Step 2: Wiping the Bow

The rosin on your bow can pile up, affecting its sound and durability. Wash and dry microfiber cloth and lay it between the bow stick and bow hair to wipe the rosin from the stick using gentle pressure. Keep doing this at the end of each practice session.


Step 3: Clean the Case

Once a week, or whenever you detect dust, grime, and rosin, unload and vacuum your case. Keep an eye on the form of your case as well as your instrument. In addition to preventing dust mites, this step is a smart option. Examine the cleanliness of your case every two weeks to keep those bothersome mites at bay.


Step 4: Deep Clean and Polish

The best way to upkeep your instrument and its varnish is to use specific cleaning solutions for string instruments when there is a lot of rosin and grime on it. The delicate varnish formulations used on violins have led to developing these specialized cleaning solutions for string instruments.

You should never use hardware shop furniture or wood polish on your varnish; this could permanently harm it, and that is something we absolutely do not want.

A varnish cleaner may not be necessary if you clean your instrument thoroughly after each practice session to remove dust and rosin. Use a specific polish instead to give your instrument a new lease on life.

During a thorough clean, you may also replace and clean your pegs. To remove any old peg chalk or paste buildup from the pegs, we suggest using a soft, super fine steel wool. Peg paste can then be applied in a thin layer on top of this. A tiny quantity of paste is all that is needed for the peg to stick.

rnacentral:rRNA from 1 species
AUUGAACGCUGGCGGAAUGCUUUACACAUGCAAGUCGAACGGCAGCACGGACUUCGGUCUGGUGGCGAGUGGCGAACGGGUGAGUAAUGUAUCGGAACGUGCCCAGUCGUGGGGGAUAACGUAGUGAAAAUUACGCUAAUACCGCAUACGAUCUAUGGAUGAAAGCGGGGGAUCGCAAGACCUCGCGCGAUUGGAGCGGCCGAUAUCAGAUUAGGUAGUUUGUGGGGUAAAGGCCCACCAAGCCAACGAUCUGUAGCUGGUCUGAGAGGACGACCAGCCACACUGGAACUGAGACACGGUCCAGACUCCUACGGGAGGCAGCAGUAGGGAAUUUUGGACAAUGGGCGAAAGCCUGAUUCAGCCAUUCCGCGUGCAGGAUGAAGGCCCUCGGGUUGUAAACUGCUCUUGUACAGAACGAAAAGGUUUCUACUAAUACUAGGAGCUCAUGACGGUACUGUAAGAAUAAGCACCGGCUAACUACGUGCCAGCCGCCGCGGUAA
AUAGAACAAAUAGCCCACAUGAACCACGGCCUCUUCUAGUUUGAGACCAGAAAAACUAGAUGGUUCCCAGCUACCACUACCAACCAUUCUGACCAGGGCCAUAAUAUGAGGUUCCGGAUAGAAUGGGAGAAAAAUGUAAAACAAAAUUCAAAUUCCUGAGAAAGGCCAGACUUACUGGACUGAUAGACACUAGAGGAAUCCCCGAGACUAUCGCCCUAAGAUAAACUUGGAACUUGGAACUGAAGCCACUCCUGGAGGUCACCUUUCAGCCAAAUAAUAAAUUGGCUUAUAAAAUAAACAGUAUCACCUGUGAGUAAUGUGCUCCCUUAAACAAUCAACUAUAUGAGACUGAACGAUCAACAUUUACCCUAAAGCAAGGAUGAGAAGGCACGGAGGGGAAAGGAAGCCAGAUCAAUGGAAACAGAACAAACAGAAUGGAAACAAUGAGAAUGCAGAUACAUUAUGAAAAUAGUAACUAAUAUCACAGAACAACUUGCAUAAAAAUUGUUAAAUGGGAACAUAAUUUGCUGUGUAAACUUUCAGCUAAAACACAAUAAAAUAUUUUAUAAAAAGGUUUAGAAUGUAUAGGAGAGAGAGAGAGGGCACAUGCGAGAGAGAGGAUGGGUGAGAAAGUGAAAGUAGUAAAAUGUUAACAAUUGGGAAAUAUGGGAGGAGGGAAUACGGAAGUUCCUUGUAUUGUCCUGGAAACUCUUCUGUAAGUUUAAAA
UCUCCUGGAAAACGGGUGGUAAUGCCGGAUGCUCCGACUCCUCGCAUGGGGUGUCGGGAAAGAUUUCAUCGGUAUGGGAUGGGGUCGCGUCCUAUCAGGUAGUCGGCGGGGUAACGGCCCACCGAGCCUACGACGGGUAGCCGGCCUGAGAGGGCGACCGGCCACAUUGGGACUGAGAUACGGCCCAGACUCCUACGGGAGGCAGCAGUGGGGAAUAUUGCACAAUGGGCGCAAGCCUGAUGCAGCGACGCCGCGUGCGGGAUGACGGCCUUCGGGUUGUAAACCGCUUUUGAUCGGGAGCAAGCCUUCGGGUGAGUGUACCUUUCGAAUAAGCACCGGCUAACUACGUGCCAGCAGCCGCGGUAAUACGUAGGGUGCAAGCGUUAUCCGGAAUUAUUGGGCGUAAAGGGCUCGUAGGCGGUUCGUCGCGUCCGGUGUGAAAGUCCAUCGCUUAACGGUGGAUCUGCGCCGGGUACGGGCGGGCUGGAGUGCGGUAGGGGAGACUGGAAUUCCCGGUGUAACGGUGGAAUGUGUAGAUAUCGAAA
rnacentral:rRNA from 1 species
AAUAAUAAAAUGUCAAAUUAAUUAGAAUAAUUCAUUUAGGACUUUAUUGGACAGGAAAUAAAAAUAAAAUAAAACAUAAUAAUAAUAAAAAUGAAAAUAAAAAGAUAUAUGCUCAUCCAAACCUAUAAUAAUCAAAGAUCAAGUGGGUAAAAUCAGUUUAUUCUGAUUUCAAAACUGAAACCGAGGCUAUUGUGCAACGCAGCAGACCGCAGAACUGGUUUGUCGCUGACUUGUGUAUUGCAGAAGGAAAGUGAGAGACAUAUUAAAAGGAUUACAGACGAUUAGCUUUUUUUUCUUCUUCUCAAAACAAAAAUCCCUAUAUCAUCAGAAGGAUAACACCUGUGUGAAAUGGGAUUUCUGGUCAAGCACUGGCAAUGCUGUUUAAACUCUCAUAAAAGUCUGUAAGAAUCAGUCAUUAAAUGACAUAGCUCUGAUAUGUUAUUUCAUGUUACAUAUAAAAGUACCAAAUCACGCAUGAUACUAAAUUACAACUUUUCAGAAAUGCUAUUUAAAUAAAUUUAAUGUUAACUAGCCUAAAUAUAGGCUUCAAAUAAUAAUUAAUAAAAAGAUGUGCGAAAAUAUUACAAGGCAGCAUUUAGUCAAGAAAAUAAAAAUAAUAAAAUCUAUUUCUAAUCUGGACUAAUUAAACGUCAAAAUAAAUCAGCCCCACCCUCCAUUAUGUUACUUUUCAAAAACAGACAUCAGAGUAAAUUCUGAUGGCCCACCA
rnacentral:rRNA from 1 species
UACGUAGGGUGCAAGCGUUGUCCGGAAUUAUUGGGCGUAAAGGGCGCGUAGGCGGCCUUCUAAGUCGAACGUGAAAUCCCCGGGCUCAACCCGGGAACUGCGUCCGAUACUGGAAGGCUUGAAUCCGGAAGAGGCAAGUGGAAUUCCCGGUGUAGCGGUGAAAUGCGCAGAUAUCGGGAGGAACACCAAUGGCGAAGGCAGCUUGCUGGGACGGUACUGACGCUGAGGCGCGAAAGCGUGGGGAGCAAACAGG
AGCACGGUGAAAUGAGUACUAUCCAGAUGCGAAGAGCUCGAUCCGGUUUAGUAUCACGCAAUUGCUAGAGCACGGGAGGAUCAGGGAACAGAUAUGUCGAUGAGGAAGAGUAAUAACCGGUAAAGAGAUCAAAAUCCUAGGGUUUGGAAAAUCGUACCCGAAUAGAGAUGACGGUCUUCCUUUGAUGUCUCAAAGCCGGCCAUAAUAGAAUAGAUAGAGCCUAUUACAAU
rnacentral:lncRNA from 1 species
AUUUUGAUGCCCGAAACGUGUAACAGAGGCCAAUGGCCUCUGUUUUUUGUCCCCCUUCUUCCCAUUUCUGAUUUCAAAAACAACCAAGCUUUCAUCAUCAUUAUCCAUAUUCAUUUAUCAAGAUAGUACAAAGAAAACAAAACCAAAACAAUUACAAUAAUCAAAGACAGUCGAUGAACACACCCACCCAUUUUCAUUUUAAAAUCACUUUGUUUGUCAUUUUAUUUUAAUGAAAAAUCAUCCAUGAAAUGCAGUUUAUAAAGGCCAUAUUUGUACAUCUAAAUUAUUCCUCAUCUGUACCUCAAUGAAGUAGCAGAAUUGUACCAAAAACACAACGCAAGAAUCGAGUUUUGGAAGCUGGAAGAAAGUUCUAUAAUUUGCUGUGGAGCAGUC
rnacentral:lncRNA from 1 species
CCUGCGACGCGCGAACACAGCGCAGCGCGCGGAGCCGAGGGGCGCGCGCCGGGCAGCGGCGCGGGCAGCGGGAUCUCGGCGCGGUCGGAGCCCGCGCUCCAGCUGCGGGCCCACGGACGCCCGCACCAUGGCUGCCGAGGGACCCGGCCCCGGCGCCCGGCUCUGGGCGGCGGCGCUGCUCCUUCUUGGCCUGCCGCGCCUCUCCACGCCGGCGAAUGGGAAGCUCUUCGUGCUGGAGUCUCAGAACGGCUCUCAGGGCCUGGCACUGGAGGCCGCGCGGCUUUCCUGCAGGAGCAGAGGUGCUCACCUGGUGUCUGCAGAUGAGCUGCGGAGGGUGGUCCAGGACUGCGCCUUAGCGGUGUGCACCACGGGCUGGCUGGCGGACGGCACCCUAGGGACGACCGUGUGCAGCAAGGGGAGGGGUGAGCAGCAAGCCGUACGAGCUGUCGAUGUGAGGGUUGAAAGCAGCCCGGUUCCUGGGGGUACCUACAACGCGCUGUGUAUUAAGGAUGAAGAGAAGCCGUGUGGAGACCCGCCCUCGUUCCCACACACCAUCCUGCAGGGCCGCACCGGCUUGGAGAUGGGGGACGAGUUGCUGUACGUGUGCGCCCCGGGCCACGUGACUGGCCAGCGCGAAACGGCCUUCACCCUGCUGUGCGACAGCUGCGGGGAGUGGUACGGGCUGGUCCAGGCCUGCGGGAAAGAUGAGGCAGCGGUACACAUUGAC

Step 5: Regular Check-ups

Every 8-12 months, your instrument needs a general checkup to guarantee it is in optimum playing condition. It’s a good idea to bring your violin to the workshop for a tune-up and even to have new strings put on. If you don’t have the expertise, time, or confidence to do all of this yourself, the luthier can do it for you. They can apply peg compound, lubricate the nut with graphite, clean the strings under the bridge, and more.


Avoid These Common Mistakes

Our violins aren’t just mistreated just because we don’t take the time to clean them. Here are some common errors individuals make when it comes to violin upkeep.

  • Not checking bridges is a common mistake, especially if you have to tune often due to new strings or weather. Prior to adjusting a string instrument, it is imperative to check the bridge position.
  • Many musicians overestimate the worth of a case. If someone trips and falls on your violin case, they may break it, along with the violin inside it. When the case is exposed to excessively hot or cold conditions, your violin will be vulnerable to damage.
  • To be safe, we ask that you refrain from touching the instrument’s body in any way. Because of the moisture and oils in our hands, the varnish will eventually begin to deteriorate. Violins should be held at the neck.
  • The varnish will wear down over time if you use the wrong cleaning agents. Violins should never be cleaned with harsh chemicals or hot water.  The lacquer will be ruined if these substances are used.
  • Small flaws might quickly turn into big, unfixable ones without regular checkups by a luthier.


Wrapping Up

The responsibilities of a violinist extend much beyond the time spent in the practice room, in rehearsals, and on stage. Keeping the violin clean and well-maintained is equally important. If you still have questions about taking care of your violin, please don’t hesitate to get in touch with us. Additionally, you can speak with your violin shop about any additional issues you may be having with your instrument.

Scroll to Top